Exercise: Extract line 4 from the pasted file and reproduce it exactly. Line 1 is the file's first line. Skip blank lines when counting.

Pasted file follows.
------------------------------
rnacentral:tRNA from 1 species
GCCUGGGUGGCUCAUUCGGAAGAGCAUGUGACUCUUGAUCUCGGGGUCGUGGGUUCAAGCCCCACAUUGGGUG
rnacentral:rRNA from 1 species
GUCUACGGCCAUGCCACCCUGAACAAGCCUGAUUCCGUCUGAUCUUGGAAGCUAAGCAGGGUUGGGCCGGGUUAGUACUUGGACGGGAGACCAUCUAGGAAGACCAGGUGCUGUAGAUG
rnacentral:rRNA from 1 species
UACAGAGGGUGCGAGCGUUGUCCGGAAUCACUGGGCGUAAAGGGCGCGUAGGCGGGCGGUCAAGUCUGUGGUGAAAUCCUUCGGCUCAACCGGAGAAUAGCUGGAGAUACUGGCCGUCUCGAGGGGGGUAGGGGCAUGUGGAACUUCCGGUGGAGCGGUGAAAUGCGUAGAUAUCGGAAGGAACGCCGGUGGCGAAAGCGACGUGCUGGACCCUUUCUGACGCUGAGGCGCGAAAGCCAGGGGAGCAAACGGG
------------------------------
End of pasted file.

GUCUACGGCCAUGCCACCCUGAACAAGCCUGAUUCCGUCUGAUCUUGGAAGCUAAGCAGGGUUGGGCCGGGUUAGUACUUGGACGGGAGACCAUCUAGGAAGACCAGGUGCUGUAGAUG